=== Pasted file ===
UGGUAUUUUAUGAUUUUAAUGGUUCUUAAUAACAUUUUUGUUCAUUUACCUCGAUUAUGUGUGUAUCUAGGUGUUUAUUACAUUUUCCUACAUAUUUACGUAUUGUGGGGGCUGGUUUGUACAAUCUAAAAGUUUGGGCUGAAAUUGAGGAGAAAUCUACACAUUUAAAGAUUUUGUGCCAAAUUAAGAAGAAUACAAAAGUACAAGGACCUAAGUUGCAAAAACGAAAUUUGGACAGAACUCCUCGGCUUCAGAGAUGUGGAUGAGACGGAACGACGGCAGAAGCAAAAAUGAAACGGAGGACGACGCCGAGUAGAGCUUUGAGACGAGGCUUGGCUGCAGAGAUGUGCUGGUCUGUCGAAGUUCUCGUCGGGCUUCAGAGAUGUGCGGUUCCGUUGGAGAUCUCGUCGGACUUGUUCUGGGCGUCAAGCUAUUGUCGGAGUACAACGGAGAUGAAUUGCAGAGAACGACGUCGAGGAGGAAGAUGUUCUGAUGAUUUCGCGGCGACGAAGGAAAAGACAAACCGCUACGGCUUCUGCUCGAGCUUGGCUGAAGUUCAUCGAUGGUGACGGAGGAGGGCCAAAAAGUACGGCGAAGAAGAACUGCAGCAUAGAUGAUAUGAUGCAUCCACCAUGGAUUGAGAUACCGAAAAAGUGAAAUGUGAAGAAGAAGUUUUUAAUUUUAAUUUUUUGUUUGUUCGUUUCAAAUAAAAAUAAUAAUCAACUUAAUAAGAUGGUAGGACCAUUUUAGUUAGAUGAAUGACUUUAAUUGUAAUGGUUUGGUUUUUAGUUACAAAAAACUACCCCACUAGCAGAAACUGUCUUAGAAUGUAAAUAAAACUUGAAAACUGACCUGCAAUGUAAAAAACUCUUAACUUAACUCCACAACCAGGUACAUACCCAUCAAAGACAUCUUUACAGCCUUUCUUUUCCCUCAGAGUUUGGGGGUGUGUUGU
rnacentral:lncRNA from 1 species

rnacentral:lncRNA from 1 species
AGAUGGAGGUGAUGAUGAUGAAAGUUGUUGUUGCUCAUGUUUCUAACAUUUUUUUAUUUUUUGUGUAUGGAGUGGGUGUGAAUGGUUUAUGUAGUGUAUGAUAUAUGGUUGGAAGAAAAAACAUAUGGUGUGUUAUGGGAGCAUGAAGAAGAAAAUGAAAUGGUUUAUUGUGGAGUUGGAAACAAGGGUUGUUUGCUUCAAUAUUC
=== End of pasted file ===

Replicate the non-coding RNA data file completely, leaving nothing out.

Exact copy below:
UGGUAUUUUAUGAUUUUAAUGGUUCUUAAUAACAUUUUUGUUCAUUUACCUCGAUUAUGUGUGUAUCUAGGUGUUUAUUACAUUUUCCUACAUAUUUACGUAUUGUGGGGGCUGGUUUGUACAAUCUAAAAGUUUGGGCUGAAAUUGAGGAGAAAUCUACACAUUUAAAGAUUUUGUGCCAAAUUAAGAAGAAUACAAAAGUACAAGGACCUAAGUUGCAAAAACGAAAUUUGGACAGAACUCCUCGGCUUCAGAGAUGUGGAUGAGACGGAACGACGGCAGAAGCAAAAAUGAAACGGAGGACGACGCCGAGUAGAGCUUUGAGACGAGGCUUGGCUGCAGAGAUGUGCUGGUCUGUCGAAGUUCUCGUCGGGCUUCAGAGAUGUGCGGUUCCGUUGGAGAUCUCGUCGGACUUGUUCUGGGCGUCAAGCUAUUGUCGGAGUACAACGGAGAUGAAUUGCAGAGAACGACGUCGAGGAGGAAGAUGUUCUGAUGAUUUCGCGGCGACGAAGGAAAAGACAAACCGCUACGGCUUCUGCUCGAGCUUGGCUGAAGUUCAUCGAUGGUGACGGAGGAGGGCCAAAAAGUACGGCGAAGAAGAACUGCAGCAUAGAUGAUAUGAUGCAUCCACCAUGGAUUGAGAUACCGAAAAAGUGAAAUGUGAAGAAGAAGUUUUUAAUUUUAAUUUUUUGUUUGUUCGUUUCAAAUAAAAAUAAUAAUCAACUUAAUAAGAUGGUAGGACCAUUUUAGUUAGAUGAAUGACUUUAAUUGUAAUGGUUUGGUUUUUAGUUACAAAAAACUACCCCACUAGCAGAAACUGUCUUAGAAUGUAAAUAAAACUUGAAAACUGACCUGCAAUGUAAAAAACUCUUAACUUAACUCCACAACCAGGUACAUACCCAUCAAAGACAUCUUUACAGCCUUUCUUUUCCCUCAGAGUUUGGGGGUGUGUUGU
rnacentral:lncRNA from 1 species

rnacentral:lncRNA from 1 species
AGAUGGAGGUGAUGAUGAUGAAAGUUGUUGUUGCUCAUGUUUCUAACAUUUUUUUAUUUUUUGUGUAUGGAGUGGGUGUGAAUGGUUUAUGUAGUGUAUGAUAUAUGGUUGGAAGAAAAAACAUAUGGUGUGUUAUGGGAGCAUGAAGAAGAAAAUGAAAUGGUUUAUUGUGGAGUUGGAAACAAGGGUUGUUUGCUUCAAUAUUC